Not since its formation in 1989 has a draft plan of the Hawke's Bay Regional Council caused so much interest. Obviously, this is a reaction to the proposed substantial increase in the rate strike, but backgrounded by the growing concern for our environmental health.

Environmentally, these are challenging times.

Everywhere, those in governance must accommodate the public's expectations of affluence with material sacrifice that environmentalism demands.

Environmentalism comes at a cost. Nevertheless, such a big-hit rate increase when inflation is low will be counter-productive if it weakens the constituency's confidence in the council and creates an adversarial atmosphere.


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Every section of the community has an obligation to work in one way or another for a more sustainable environment as every one of us pollutes.

However, more than any other single factor, our environment will stand or fall on the commitment of the region's farmers, simply because about 60% of our land area outside
the conservation estate is in farmland.

And it's rather disingenuous for the council to dismiss this rate increase as ''a cup of coffee a week''. For rural ratepayers it will be much more than that.

Farmers have worked to lift environmental standards, but seem to never quite catch up to ever-rising community expectations.

Conceded, not everything on the farm is acceptable, and images of such quickly gain currency. That's okay, but there's plenty of worthy work environmentalists seem hesitant to acknowledge.

Inspiring examples of initiatives as the QEII National Trust, Balance Environmental Awards, Farmer of the Year and Farm Forester of the Year Fieldays and such seemingly feature little in environmental activists and regional council conversations. (Recently a councillor even went so far as to actually diminish one of the best privately funded farm wetland enhancements in Hawke's Bay.)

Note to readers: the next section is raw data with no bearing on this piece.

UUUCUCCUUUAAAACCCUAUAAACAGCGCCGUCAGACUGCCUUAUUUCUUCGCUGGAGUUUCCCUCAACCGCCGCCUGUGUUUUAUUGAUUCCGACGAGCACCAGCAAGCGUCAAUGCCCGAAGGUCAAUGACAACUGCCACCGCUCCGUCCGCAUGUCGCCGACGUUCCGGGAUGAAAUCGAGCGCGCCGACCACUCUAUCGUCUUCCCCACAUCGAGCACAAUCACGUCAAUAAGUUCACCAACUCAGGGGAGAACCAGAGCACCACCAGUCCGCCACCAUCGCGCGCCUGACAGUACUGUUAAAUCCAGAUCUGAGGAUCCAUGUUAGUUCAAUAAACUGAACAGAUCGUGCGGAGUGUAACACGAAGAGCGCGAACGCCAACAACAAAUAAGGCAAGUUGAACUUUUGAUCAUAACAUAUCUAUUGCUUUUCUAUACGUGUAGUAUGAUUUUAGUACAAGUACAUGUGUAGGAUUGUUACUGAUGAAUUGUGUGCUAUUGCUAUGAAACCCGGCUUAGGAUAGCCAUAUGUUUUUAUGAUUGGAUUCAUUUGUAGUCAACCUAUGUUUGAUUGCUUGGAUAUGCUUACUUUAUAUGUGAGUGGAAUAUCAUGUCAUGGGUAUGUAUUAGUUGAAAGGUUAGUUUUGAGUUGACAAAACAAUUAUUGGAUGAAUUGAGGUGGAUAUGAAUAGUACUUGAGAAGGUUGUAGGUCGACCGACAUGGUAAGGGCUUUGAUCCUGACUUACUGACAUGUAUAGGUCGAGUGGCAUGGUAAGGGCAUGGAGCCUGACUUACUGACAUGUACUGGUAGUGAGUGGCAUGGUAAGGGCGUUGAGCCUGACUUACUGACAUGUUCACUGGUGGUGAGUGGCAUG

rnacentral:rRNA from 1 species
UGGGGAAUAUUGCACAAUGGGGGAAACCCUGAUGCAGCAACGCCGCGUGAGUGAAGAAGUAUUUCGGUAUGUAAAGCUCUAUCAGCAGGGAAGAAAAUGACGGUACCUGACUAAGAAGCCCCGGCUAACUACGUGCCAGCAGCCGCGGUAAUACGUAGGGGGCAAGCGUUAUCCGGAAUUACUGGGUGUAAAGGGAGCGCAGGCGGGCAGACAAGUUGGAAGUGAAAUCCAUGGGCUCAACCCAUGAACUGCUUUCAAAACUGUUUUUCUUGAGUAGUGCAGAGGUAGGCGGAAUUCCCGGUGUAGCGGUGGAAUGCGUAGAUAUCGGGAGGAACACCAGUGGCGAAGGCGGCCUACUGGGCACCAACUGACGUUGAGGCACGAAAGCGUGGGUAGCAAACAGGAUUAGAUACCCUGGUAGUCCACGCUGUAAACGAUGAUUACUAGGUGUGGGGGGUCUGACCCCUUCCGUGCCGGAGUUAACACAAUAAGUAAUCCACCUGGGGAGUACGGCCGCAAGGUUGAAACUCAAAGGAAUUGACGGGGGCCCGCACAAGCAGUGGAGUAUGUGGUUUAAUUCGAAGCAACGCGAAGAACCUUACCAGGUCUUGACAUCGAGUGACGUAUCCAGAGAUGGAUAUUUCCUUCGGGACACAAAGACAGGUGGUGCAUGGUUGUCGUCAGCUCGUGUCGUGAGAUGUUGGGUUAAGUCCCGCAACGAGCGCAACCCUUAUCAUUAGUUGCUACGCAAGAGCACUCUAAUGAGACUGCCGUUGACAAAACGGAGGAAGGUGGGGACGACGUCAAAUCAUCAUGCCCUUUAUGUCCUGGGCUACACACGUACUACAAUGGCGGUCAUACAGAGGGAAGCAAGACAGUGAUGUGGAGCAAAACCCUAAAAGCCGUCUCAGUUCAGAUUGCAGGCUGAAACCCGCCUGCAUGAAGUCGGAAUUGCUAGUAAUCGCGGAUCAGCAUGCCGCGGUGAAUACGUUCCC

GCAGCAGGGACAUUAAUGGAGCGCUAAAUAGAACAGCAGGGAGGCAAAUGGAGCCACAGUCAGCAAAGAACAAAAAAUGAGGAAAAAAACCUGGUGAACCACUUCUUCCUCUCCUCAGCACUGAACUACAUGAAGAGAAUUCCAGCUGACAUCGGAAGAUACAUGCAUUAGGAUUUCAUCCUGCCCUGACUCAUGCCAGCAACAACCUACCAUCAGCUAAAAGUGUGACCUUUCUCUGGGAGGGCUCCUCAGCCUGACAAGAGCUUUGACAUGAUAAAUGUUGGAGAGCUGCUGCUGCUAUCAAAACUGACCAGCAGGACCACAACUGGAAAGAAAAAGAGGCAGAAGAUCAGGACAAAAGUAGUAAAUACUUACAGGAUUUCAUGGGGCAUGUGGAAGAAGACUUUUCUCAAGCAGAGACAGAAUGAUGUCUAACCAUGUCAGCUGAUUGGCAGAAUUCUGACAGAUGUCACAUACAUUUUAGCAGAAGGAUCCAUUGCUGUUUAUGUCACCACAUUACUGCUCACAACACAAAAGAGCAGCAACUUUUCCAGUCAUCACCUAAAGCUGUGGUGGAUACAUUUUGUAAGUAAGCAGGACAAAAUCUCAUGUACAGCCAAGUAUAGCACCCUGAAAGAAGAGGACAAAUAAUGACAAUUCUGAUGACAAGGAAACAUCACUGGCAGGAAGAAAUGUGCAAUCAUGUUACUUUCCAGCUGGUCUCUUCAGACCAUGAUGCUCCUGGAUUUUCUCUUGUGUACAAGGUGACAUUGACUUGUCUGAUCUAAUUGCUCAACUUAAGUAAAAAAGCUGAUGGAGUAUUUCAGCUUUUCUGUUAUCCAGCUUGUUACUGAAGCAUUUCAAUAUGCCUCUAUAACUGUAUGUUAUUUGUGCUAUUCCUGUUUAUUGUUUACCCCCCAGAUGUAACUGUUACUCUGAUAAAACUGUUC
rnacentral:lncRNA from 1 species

Since its formation, the HBRC has worked hard to establish goodwill with the farming community based on education and inspiration, reserving regulation as a necessary backstop.

This is a vital and potent force for the region's environmental good works.

The council should tread carefully; reputation, laboriously built, can be quickly lost. Such a large rate-rise would haemorrhage much of that goodwill.

One of the more suspect intentions is the so-call ''Future Farming'' initiative, hitherto characterised as ''smart farming''.

This is to establish ''an engine'' to gather agricultural science and make it available to farmers. This looks like the council presuming to take farmers by the hand and lead them into the promised land of farm management idealism. Come on!

This is rather condescending, if not insulting. The regional council is not the brokerage of agricultural intelligence.

Farmers who want to uptake knowledge know where to go for science and inspiring examples of good works.

There's a new term in international vernacular; ''soft power'' – the ability of a country to persuade others to do what it wants without coercion.

This is just the kind of power the council needs to further develop and apply to its cause.

A motivated citizenry is the ultimate weapon the council has to achieve the objective we all want: a sustaining environment for those who follow.

For the reasons explained above, this especially obligates those who steward our rural land.

If you want to see just one example of motivation voluntarily achieving great things on private land at minimal public cost, look at the achievements over 40 years of the above-mentioned QEII National Trust.

Pride and the admiration of one's peers are powerful motivators. That is why the ownership of a QEII covenant is proudly indicated by a sign at the front gate. That's soft power.

The council should vigorously develop a relationship with a collection of commercial and environmental bodies that have a stake in the rural environment, along with Federated Farmers as the sector's ownership organisation.

The council intends to borrow $30 million over the next decade to fund riparian fencing and forestry planting initiatives.

But if it, or part of it, were to establish such a coalition to inspire rural landowners to willingly do the good work, the return for the dollar would be far greater.

Regional council staff are dedicated and do a good job – we're lucky to have them. But will the increases achieve action out in the heartland, where it really matters? I have my doubts.

Ewan McGregor is a former deputy chairman of the Hawke's Bay Regional Council. Views expressed here are the writer's opinion and not the newspaper's. Email: